If you take a walk through the large Siemensstadt housing estate, you can directly compare the buildings of the classic modern era.
At the end of the 1920s, Berlin’s city planning officer Martin Wagner commissioned six architects to plan a new residential estate in Charlottenburg-North and Spandau. They were tasked with creating affordable living space for employees of the nearby Siemens plant. Between 1929 and 1934, a total of 1,379 apartments with two or two-and-a-half rooms each were built on the estate.
Of the six architects, four belonged to the progressive group called Der Ring: Walter Gropius, Hans Scharoun, Otto Bartning and Hugo Häring. That’s why the Siemensstadt housing estate is often also referred to today as Ringsiedlung (Ring estate). In addition to the four Ring members, the two architects Fred Forbát and Paul Rudolf Henning also designed buildings for the estate.
A break with conventional construction methods
The most important maxim of this group was to find other architectural and urban development solutions than those of the Gründerzeit. No more block-edge development with gloomy backyards, as otherwise predominated in Berlin. The buildings were intended to provide all tenants with the same conditions: being equal in size, having the same incidence of light and the possibility to soak up the sun and allow in fresh air.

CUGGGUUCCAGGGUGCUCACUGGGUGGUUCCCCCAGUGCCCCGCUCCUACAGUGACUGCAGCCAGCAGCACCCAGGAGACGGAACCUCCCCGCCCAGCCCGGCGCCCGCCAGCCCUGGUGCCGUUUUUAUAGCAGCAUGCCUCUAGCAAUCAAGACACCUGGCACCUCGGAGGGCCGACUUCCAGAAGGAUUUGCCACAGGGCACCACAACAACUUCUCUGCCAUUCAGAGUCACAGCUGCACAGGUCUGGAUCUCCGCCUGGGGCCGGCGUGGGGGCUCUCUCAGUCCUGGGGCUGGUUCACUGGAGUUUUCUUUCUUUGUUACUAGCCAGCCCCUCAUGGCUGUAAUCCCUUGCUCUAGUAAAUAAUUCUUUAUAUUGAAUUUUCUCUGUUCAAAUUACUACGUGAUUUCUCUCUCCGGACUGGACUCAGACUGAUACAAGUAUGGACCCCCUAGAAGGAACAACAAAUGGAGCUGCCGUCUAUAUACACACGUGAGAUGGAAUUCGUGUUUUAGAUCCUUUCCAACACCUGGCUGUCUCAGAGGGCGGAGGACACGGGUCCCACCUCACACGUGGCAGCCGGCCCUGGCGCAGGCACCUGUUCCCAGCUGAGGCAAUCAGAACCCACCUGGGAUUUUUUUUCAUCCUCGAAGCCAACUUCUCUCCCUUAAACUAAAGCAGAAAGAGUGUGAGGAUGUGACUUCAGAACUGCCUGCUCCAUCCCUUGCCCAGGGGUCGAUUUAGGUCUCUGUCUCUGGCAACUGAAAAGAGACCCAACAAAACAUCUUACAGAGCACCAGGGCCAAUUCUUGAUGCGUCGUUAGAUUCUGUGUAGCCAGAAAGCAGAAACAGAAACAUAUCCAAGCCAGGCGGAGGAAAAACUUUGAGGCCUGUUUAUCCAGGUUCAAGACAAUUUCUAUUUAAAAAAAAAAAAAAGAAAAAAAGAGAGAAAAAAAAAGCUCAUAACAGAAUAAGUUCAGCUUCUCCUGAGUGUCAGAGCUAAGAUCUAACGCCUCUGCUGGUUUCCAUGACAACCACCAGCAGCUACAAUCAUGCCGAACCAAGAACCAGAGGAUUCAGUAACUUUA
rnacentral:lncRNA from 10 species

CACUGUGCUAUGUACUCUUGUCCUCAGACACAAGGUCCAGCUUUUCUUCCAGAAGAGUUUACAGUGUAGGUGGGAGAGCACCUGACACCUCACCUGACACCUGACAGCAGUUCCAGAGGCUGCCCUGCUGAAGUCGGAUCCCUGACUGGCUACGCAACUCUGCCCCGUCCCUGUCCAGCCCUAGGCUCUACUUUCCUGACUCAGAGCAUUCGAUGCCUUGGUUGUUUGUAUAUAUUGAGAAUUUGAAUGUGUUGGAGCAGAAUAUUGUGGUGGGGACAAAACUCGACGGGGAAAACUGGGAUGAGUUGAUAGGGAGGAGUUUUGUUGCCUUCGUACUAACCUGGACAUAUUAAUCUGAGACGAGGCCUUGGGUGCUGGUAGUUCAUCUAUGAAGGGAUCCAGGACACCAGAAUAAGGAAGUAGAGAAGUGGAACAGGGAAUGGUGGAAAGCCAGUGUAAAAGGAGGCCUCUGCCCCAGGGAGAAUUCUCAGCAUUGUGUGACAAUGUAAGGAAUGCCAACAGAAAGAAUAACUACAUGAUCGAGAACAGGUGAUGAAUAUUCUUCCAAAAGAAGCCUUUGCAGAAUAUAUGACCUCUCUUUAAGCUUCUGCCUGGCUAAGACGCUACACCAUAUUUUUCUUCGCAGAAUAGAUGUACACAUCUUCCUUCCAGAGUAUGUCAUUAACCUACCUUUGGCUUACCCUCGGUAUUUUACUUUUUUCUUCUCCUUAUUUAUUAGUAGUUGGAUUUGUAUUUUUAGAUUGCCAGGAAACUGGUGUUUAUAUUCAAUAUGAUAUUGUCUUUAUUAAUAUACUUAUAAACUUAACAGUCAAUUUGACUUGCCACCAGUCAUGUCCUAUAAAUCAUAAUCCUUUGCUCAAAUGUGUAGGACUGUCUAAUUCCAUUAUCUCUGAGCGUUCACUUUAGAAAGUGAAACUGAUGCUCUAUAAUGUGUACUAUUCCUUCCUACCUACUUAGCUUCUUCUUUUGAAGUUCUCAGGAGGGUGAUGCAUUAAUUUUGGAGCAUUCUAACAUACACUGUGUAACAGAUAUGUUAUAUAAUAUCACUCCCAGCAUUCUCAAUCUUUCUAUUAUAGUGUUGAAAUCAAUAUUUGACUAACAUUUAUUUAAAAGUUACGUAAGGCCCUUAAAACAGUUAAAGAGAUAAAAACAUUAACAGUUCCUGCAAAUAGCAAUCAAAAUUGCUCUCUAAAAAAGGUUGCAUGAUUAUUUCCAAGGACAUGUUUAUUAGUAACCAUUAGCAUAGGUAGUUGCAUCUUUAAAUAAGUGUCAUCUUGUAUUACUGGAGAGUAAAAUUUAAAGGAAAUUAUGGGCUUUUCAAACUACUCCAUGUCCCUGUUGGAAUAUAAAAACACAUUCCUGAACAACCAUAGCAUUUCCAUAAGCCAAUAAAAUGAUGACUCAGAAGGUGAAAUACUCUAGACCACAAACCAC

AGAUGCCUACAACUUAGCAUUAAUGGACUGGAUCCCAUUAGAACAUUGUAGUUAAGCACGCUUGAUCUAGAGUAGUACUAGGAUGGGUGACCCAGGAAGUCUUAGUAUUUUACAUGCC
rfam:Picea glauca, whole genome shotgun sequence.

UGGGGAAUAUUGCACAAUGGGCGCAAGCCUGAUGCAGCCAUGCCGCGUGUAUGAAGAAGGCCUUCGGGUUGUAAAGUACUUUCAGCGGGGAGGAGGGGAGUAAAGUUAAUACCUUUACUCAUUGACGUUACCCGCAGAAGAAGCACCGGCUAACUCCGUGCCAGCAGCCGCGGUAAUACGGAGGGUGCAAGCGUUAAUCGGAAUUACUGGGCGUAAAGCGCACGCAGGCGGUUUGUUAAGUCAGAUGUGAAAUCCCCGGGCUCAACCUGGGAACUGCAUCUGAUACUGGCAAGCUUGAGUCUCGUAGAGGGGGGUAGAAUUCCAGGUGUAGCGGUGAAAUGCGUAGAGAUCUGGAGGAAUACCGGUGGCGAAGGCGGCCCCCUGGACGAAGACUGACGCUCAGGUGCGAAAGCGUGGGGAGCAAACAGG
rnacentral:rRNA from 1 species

Early on, the six architects agreed to design the estate exclusively in the ribbon development construction method, whose basic principle was narrow houses built in a north-south direction and positioned at right angles to roads. The aim was to optimise the incidence of light into the homes while at the same time minimising noise pollution for the residents.
To good neighbourliness
Hans Scharoun was responsible for the overall planning of the Ringsiedlung as regards urban development. He envisaged a completely new type of estate for Berlin in which he could realise his idea of “neighbourliness”. Referring to his design of the large Siemensstadt housing estate, Scharoun himself said in 1927:
“Neighbourliness is a spiritual energy – a quality, not just a quantity. A neighbourhood is a space through which a pedestrian can pass in around a quarter of an hour, a space that corresponds to a child’s joyfulness of experience, large enough to accommodate adventures, yet small enough to create a sense of home.”
In concrete terms: Scharoun pursued the idea of a more relaxed city, with many open spaces. There, residents would find a place of recreation, a place to let their children play, experience a sense of community and feel at home between the buildings which framed their world.
Today you can trace his guiding principle, in particular in the green areas of the estate designed by landscape architect Leberecht Migge. The centrally located park creates a link between the houses and at the same time invites you to linger.
Six individual signatures